Luis Fuerte cannot recall ever really seeing Huell Howser upset on a shoot for his KCET program California's Gold, which the two worked on together for about 12 years.
That's no surprise to loyal viewers of the show that is still popular in reruns on Channel 28, as the late Howser, with his thick Tennessee accent and friendly, curious manner, always seemed as if there was nowhere else he wanted to be than the chunk of the Golden State he was visiting at that moment—especially when he let out his catch-phrases: "That's amazing" and "Oh, my gosh."
We often heard another: "Louie, take a look at this."
Fuerte is Louie, the loyal cameraman who dutifully took Howser's on-camera direction.
"Our working relationship just kind of clicked," Fuerte says. "If I saw something that was not working at all, I'd stop him and talk to him and suggest something. He'd either go with it or say, 'We're okay.' We were totally opposites. He was into the stardom thing. Not me. I wanted to be behind the camera, just trying to make things work."
But Fuerte is now stepping into the spotlight with the upcoming release of his book, Louie, Take a Look at This!: My Time With Huell Howser. Though it's not due out from Prospect Park Books until April 11, copies are included with DVDs of Fuerte's favorite California's Gold episodes for those who donate during a KCET pledge special Saturday.
Demand is already high. When Fuerte was interviewed on Feb. 9, he had a dozen speaking events scheduled. Not bad when you consider he had to be prodded into writing the book. He'd been asked to receive an honorary degree for Howser, who died in 2013 at age 67, from Chapman University, home of the Huell Howser Archives that include all the California's Gold videotapes.
"Chapman approached me and said, 'You need to write a book about your adventures. It was just you and Huell working together, and it would be interesting to know what happened behind the scenes,'" Fuerte says. "I gave it some thought because book writing is not my forte."
Fuerte talked with several writers and eventually recruited Yucaipa's David Duron to serve as co-author on the project, which took nearly three years to complete.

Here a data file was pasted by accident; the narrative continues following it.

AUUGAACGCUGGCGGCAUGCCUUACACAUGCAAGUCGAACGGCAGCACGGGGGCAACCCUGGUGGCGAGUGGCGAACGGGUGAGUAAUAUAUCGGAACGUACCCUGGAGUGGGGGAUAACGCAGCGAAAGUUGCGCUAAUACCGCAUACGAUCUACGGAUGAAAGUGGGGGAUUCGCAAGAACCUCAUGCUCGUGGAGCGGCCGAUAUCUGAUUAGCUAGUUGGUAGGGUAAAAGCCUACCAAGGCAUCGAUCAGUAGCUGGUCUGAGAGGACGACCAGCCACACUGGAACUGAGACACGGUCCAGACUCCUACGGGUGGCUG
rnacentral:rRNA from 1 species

While the California's Gold work had left a lasting impression, Fuerte had to go with Duron to the Chapman campus in Orange to rewatch videos so he could refresh his memory. "Almost all the tapes I had shot," he says, "and it brought back memories like this happened on this shoot. It brought back a lot of stories that had kind of been left behind. Little by little, we worked these into the book. David did a lot of hard work on it."
Asked for favorite stories he and Howser had worked on, Fuerte replied, "There's so many. We did some great stories, and we did some not-so-great stories. A popular one was the Golden Gate Bridge and stories out in the desert. I remember shooting in Death Valley in the winter with winds 60 miles per hour. There were a lot of adventures we experienced, and we had a lot of fun."
Of course, Howser was a master of conveying the fun they were having to viewers. "Huell had this way about him," Fuerte says. "He would just make people feel so at ease and relaxed, even while they were being interviewed. It was that Tennessee accent or his manner; people just loved telling their stories to him. He would walk from one person to another. He just had this ease about him. I don't see that in too many people who produce shows like this."
Larry King and Marc Maron, who are both considered excellent interviewers, have said they don't want to know too much about someone they will be talking with ahead of time so a natural conversation unfolds. Howser employed the same style. "He would not want to know too much about the story," Fuerte says. "He wanted it to be spontaneous."
And amazing. (Sorry.)
"I once told Huell, 'You could do a story on a doorknob and make it interesting.' He'd say, 'Well, how long do you think the doorknob has been here?'"
Fuerte, the son of a Mexican immigrant, was born in San Bernardino, served two years in the U.S. Navy and learned TV engineering at a community college after his discharge. He joined KCET in May 1972 and met Howser in the late '80s, when the veteran broadcaster recruited the cameraman for his new human-interest show exploring California. Fuerte went on to win five Emmys for his work from about 1989 through 2001.
That last year is when he left his role with Howser, and Fuerte retired from KCET three years later. "I still loved what I was doing, so I started my own production company," he says. "We did a lot." But in 2012, at age 70, he said, "That's it." He retired for good and now lives with his wife in Rialto.
Asked after 48 years in television what his toughest shoots had been, Fuerte takes a long pause before coming up with literal polar opposites from California's Gold: joining window washers on the tallest building in Los Angeles and going down 2,000 feet into gold mines.
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"It was an adventure," Fuerte says matter-of-factly.
"I think it's the simplicity in telling the stories about California," Fuerte says about why people still love the shows so many years after he and Howser made them. "We visited places people don't know about. We learned so much traveling the state, the diversity of the people and terrain. I love this state. Huell called it his adopted state. This state is a world of its own.
"And people loved that Tennessee accent and his way of saying, 'That's amazing' with that Southern accent. I have my own southern accent from across the border."
Huell's California Adventure: Huell & Luis Hit the Road pledge special airs on KCET/Channel 28. Sat., 7 p.m.